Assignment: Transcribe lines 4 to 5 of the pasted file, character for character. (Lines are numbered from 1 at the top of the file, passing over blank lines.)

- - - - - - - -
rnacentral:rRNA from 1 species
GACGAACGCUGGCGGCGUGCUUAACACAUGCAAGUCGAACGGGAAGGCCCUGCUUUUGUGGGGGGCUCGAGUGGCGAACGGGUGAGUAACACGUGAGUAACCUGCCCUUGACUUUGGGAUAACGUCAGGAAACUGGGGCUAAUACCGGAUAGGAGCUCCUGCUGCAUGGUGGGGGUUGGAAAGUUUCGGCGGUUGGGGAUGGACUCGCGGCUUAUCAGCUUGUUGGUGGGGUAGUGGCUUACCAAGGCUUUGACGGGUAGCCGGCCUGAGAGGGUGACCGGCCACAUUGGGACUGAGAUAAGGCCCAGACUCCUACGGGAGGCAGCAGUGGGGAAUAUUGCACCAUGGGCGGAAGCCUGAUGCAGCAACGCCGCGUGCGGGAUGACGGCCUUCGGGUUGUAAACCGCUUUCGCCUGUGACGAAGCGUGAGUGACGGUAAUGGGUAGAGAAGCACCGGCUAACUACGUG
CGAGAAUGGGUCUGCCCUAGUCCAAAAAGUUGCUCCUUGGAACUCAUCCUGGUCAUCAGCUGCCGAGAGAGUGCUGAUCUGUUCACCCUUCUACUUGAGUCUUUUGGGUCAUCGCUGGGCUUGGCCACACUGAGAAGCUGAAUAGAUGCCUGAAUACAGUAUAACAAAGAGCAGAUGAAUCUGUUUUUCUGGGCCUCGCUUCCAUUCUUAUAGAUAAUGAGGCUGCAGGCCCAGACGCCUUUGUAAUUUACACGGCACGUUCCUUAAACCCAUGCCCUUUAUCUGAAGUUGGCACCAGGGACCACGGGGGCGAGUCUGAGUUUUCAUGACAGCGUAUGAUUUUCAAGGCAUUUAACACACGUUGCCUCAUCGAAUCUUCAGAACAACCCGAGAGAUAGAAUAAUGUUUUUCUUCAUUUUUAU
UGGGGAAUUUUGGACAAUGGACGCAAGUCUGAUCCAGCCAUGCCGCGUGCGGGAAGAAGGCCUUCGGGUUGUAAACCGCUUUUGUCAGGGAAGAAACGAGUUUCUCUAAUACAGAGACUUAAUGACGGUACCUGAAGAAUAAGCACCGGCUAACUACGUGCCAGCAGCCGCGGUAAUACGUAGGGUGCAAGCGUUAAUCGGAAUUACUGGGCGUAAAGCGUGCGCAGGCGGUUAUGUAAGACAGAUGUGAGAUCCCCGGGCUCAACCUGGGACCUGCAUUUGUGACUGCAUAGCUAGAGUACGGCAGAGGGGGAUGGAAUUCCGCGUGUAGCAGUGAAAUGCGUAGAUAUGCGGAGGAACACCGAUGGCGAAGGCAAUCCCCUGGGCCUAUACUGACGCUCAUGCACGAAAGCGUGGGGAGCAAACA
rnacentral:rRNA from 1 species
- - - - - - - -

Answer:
UGGGGAAUUUUGGACAAUGGACGCAAGUCUGAUCCAGCCAUGCCGCGUGCGGGAAGAAGGCCUUCGGGUUGUAAACCGCUUUUGUCAGGGAAGAAACGAGUUUCUCUAAUACAGAGACUUAAUGACGGUACCUGAAGAAUAAGCACCGGCUAACUACGUGCCAGCAGCCGCGGUAAUACGUAGGGUGCAAGCGUUAAUCGGAAUUACUGGGCGUAAAGCGUGCGCAGGCGGUUAUGUAAGACAGAUGUGAGAUCCCCGGGCUCAACCUGGGACCUGCAUUUGUGACUGCAUAGCUAGAGUACGGCAGAGGGGGAUGGAAUUCCGCGUGUAGCAGUGAAAUGCGUAGAUAUGCGGAGGAACACCGAUGGCGAAGGCAAUCCCCUGGGCCUAUACUGACGCUCAUGCACGAAAGCGUGGGGAGCAAACA
rnacentral:rRNA from 1 species